"The key is to quiet your mind while in mental hell and embrace whatever obstacle is in front of you with open arms," he says. "We must learn to conserve energy and to control the emotional and mental stresses of our setbacks."
SEAL training teaches candidates the difficult task of gaining control over their physiology. They use a principle called "The Four Pillars of Mental Toughness," which includes goal-setting, mental visualization, positive self-talk, and arousal control.
Arousal control — intentionally regulating your emotional response — is the most interesting because it's a skill very few people possess. When the average person is under intense stress, they start sweating, their heart starts racing, and the mind goes blank. But SEALs learn how to override the body's natural responses in the most extreme circumstances.
For example, Navy SEALs’ heart rates often drop when they are engaged in combat, and athletes describe a state of tunnel vision and effortless excellence in high-pressure situations.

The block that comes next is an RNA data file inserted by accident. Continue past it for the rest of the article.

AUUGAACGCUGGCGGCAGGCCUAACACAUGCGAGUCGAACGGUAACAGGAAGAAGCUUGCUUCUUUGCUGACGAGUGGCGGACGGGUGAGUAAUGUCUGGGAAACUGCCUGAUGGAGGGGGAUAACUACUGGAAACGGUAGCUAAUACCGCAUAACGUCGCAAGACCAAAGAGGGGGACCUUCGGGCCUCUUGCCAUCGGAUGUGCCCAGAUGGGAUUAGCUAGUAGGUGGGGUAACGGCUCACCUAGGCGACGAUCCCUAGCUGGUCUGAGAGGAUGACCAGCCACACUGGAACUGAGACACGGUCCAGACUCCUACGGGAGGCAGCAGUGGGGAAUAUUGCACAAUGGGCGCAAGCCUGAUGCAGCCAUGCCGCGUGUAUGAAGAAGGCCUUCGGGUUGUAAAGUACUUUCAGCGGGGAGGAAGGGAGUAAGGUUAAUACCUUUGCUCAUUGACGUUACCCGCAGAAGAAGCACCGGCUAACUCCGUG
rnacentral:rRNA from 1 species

The problem is that you can't teach yourself to regulate your physiological and psychological instincts when you're sitting comfortably on your couch. You need to put yourself in challenging situations where you can be "stress-tested."
Ultra-marathoner Courtney Dauwalter has managed to stay calm even through bouts of severe nausea, a bleeding head injury, and temporary blindness. Although she tries to prepare herself mentally for some of the more painful endurance races, she can’t get to that level of pain on her daily training runs. You’re stress-tested, she says, on the day of the actual race.